Management information in the BMIS provides context and rationale for the development of bycatch conservation and management measures (see Regulations). We have devised categories for references, to make searching management information easier. The list will evolve over time.
Literature in this category examines threats to bycatch species from human activities, including fisheries, and looks for patterns in these interactions.
Studies considering bycatch threats often analyse interactions between fisheries and bycatch species, and identify aspects to target for threat mitigation. These aspects may include spatial areas in which bycatch threats are greatest (‘hotspots’) [e.g. 2]. Some studies prioritise actions to reduce identified threats [e.g. 3]. Papers may discuss threats in terms of percentages of populations affected, such as how many seabirds are killed in longline fisheries each year [e.g. 4]. Oliver et al. (2015) address broad-scale patterns of elasmobranch bycatch in commercial longline, trawl, purse- seine and gillnet fisheries and Bugoni et al. (2008) explore seabird bycatch rates in the south-western Atlantic Ocean...
New - limited references as yet. This category is predominantly concerned with issues surrounding compliance with RFMO conservation and management measures, such as observer coverage, at-port inspection, crew training and on-board bycatch data collection and quality.
At present, bycatch data collected across tuna RFMOs is not collected in a consistent format, i.e., there is variation in the required data fields for fishing trips/sets. However, harmonisation of bycatch data is progressing through initiatives arising from the Joint tRFMO Expert Technical Working Group on Bycatch. Data harmonisation will allow for more comprehensive reporting on the status of bycatch species, assist with the identification of factors that cause or increase bycatch, and evaluate the performance of mitigation methods .
E-monitoring technologies are being trialled onboard vessels in some fisheries for their potential benefits in improving management, reporting, and cost efficiencies [e.g. 1]. They have the potential to ensure data collections are timely, accurate, adaptable to emerging needs, and capable of providing data at a scale that will support management and scientific needs . Furthermore, E-monitoring has the potential to expand the data collected by freeing at-sea observers to concentrate on data fields or tasks that cannot be collected via E-Monitoring.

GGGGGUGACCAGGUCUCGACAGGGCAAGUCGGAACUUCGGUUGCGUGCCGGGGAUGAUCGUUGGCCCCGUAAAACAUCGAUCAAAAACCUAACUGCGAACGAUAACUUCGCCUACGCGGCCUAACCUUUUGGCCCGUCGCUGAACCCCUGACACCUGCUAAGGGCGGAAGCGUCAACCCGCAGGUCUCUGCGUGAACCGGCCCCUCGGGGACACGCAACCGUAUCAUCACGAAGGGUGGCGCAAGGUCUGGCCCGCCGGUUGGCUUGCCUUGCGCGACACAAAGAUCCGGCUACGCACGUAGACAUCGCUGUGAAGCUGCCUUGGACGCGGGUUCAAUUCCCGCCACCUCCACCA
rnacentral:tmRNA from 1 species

Literature which contributes to the evaluation of the impacts of management measures and utilisation of mitigation techniques on the economics of fishing. This may be at the vessel, fishery, regional, or global scale.
Literature collated under this category include studies that review fisheries management performance in light of international and national management schemes. For example, references which assess whether bycatch management has been efficient or effective , propose new standards, or identify priority gaps [2,3].
Literature in this section examines broad-scale patterns in the implementation of bycatch mitigation technologies and the effectiveness of these in reducing quantities of bycatch.
The policy and legal framework set by international and national fisheries management instruments informs the bycatch conservation and management policies of RFMOs. References in this category look at the range of instruments and how they impact on management planning. Many also discuss fisheries management performance.
References in this category look at communication between marine scientists, policy developers and decision-makers, and how science can be better integrated into the decision-making process for the management of bycatch [e.g. 1].
Sustainable fisheries management requires that bycatch mortality due to fishing activities be accurately estimated and considered in population status assessments and management measures . Quantifying total bycatch mortality requires understanding and accounting for post-release mortality (PRM). Methods to ameliorate PRM are also essential.
Includes review and planning meetings or workshops considering species groups or individual species and where a broad range of information is considered [e.g. fisheries, biological and ecological data (gaps and quality), mitigation techniques, role of observers, regulations, population level assessment, research prioritisation. Research plans (and progress on meeting their objectives) are also included in this category.
Some tuna RFMOs have adopted regulations that aim to halt the practice of shark finning, in which sharks are landed onboard and their high value fins removed. Shark finning restrictions include regulatory requirements such as the use of fin-to-carcass-weight ratios, 'full retention', i.e., prohibition of removal of shark fins at sea, or similarly, that all sharks be landed with their fins naturally attached (fully or partially). Regulations may prohibit fishing vessels from retaining on board, transshipping, landing, or trading any fins harvested in contravention of a regulation.
Good species identification skills among crew and observers are important for reasons of science (data quality) and compliance (the enforcement of conservation measures). They also enable the use of appropriate safe handling and release procedures.
Bycatch management is becoming increasingly dynamic. Tagging studies, using technologies such as satellite telemetry, collect information on both bycatch and target species to identify and characterize their habitat**. These habitat data can be used with fisheries data, such as effort and bycatch interaction rates, to identify habitat or interaction 'hotspots' and inform management.